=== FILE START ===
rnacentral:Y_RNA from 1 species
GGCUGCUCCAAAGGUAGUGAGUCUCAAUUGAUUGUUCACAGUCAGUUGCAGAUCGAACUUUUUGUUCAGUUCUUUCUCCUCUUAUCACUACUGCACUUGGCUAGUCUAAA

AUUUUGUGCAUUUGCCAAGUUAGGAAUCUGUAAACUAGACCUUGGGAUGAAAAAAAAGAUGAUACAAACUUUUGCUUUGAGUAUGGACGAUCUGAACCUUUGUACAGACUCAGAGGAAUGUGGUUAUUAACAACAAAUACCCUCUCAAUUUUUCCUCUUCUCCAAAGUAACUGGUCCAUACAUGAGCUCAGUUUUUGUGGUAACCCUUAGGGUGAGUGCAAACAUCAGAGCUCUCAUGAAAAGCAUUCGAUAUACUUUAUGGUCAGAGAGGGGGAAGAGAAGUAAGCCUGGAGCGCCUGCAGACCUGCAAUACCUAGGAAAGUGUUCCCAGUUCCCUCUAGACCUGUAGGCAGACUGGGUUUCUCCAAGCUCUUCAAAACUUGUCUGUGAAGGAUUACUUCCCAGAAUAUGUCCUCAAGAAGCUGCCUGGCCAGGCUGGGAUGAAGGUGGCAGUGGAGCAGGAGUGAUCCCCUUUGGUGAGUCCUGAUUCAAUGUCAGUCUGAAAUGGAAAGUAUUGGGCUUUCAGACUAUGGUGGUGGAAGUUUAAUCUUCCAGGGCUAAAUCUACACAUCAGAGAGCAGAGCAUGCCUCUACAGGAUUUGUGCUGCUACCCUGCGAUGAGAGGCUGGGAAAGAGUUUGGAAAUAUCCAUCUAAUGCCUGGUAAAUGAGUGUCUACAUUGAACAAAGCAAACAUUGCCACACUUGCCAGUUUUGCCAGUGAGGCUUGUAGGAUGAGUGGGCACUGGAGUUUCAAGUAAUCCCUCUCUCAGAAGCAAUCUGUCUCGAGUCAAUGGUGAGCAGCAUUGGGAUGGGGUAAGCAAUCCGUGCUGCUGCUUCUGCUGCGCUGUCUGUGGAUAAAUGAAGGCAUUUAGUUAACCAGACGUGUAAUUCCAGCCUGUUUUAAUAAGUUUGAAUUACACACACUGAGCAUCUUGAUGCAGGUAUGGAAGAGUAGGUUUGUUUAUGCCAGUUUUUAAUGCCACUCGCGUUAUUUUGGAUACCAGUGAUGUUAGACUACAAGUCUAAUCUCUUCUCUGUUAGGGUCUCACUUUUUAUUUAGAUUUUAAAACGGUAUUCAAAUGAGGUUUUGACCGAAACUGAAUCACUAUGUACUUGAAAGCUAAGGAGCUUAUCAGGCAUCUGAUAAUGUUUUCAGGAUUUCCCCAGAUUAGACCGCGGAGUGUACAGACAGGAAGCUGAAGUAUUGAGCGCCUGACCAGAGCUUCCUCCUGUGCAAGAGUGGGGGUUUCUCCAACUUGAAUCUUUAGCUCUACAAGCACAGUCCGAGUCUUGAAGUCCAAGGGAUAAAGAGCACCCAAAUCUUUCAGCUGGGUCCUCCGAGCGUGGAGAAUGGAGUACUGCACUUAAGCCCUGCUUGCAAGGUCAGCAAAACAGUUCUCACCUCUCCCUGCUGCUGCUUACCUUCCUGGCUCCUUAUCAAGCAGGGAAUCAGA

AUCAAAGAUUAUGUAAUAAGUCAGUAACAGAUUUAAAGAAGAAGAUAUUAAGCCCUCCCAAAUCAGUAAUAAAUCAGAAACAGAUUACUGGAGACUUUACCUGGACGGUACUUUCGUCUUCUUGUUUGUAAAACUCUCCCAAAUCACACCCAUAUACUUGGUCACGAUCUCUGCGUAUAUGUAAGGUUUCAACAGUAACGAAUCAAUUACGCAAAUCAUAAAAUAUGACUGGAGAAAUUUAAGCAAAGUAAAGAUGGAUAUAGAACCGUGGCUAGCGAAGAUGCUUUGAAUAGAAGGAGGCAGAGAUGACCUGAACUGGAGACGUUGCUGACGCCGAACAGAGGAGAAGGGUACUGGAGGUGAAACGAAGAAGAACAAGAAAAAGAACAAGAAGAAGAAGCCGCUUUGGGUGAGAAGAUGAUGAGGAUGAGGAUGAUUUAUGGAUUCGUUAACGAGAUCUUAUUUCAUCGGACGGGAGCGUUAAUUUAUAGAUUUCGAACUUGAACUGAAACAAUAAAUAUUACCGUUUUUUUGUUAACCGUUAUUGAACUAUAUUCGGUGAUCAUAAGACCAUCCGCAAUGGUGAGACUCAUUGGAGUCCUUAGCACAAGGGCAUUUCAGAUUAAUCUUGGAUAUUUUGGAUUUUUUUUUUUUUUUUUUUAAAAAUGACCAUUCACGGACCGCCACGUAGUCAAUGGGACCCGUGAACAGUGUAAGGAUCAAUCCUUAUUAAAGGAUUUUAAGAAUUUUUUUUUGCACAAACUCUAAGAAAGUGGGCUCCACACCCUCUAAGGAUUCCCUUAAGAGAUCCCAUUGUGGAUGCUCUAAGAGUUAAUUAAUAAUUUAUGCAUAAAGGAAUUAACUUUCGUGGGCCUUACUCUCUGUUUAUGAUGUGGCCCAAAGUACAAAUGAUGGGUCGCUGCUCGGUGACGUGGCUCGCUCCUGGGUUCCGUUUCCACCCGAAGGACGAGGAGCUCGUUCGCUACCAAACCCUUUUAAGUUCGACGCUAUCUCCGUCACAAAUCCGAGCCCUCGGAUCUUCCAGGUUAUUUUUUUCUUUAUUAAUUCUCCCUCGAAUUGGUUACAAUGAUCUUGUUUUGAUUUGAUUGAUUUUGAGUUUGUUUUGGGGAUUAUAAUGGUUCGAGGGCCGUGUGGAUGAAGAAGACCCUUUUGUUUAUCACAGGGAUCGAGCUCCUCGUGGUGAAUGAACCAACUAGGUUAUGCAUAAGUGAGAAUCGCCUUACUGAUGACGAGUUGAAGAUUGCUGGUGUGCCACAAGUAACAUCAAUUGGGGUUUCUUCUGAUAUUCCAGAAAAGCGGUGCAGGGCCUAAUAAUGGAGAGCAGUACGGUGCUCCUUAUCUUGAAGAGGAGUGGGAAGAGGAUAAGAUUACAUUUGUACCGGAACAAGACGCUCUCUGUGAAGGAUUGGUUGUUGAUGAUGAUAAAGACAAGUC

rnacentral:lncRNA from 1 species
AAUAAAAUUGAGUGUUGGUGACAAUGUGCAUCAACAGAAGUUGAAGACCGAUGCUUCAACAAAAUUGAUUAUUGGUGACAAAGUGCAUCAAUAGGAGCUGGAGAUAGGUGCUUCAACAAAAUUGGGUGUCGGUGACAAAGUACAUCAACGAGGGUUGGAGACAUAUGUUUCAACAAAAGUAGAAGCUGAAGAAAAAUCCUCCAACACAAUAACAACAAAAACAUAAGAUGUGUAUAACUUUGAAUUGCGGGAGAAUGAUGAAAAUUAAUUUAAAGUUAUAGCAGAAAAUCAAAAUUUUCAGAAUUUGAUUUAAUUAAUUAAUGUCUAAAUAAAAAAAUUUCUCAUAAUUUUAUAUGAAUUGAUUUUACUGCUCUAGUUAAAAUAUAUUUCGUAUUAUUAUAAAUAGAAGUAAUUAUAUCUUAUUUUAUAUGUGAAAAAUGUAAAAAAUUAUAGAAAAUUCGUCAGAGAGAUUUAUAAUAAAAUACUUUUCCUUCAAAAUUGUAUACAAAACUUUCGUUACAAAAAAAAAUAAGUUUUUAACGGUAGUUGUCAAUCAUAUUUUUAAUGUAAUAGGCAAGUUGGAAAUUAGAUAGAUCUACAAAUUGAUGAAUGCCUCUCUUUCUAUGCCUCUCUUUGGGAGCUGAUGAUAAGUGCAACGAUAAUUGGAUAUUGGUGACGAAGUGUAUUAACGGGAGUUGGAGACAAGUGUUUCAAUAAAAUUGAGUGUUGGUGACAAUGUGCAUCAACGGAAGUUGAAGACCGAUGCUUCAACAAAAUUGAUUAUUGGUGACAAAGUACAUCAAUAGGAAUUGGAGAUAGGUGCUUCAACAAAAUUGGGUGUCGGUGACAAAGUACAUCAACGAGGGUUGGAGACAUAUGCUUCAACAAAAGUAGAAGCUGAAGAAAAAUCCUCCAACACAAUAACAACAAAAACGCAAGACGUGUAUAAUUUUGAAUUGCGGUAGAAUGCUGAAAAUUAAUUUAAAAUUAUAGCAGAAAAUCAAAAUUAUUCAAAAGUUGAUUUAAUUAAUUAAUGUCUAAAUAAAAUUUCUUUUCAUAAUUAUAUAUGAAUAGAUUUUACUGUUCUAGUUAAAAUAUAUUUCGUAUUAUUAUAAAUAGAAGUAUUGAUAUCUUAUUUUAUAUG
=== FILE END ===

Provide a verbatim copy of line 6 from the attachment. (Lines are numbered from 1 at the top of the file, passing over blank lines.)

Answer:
AAUAAAAUUGAGUGUUGGUGACAAUGUGCAUCAACAGAAGUUGAAGACCGAUGCUUCAACAAAAUUGAUUAUUGGUGACAAAGUGCAUCAAUAGGAGCUGGAGAUAGGUGCUUCAACAAAAUUGGGUGUCGGUGACAAAGUACAUCAACGAGGGUUGGAGACAUAUGUUUCAACAAAAGUAGAAGCUGAAGAAAAAUCCUCCAACACAAUAACAACAAAAACAUAAGAUGUGUAUAACUUUGAAUUGCGGGAGAAUGAUGAAAAUUAAUUUAAAGUUAUAGCAGAAAAUCAAAAUUUUCAGAAUUUGAUUUAAUUAAUUAAUGUCUAAAUAAAAAAAUUUCUCAUAAUUUUAUAUGAAUUGAUUUUACUGCUCUAGUUAAAAUAUAUUUCGUAUUAUUAUAAAUAGAAGUAAUUAUAUCUUAUUUUAUAUGUGAAAAAUGUAAAAAAUUAUAGAAAAUUCGUCAGAGAGAUUUAUAAUAAAAUACUUUUCCUUCAAAAUUGUAUACAAAACUUUCGUUACAAAAAAAAAUAAGUUUUUAACGGUAGUUGUCAAUCAUAUUUUUAAUGUAAUAGGCAAGUUGGAAAUUAGAUAGAUCUACAAAUUGAUGAAUGCCUCUCUUUCUAUGCCUCUCUUUGGGAGCUGAUGAUAAGUGCAACGAUAAUUGGAUAUUGGUGACGAAGUGUAUUAACGGGAGUUGGAGACAAGUGUUUCAAUAAAAUUGAGUGUUGGUGACAAUGUGCAUCAACGGAAGUUGAAGACCGAUGCUUCAACAAAAUUGAUUAUUGGUGACAAAGUACAUCAAUAGGAAUUGGAGAUAGGUGCUUCAACAAAAUUGGGUGUCGGUGACAAAGUACAUCAACGAGGGUUGGAGACAUAUGCUUCAACAAAAGUAGAAGCUGAAGAAAAAUCCUCCAACACAAUAACAACAAAAACGCAAGACGUGUAUAAUUUUGAAUUGCGGUAGAAUGCUGAAAAUUAAUUUAAAAUUAUAGCAGAAAAUCAAAAUUAUUCAAAAGUUGAUUUAAUUAAUUAAUGUCUAAAUAAAAUUUCUUUUCAUAAUUAUAUAUGAAUAGAUUUUACUGUUCUAGUUAAAAUAUAUUUCGUAUUAUUAUAAAUAGAAGUAUUGAUAUCUUAUUUUAUAUG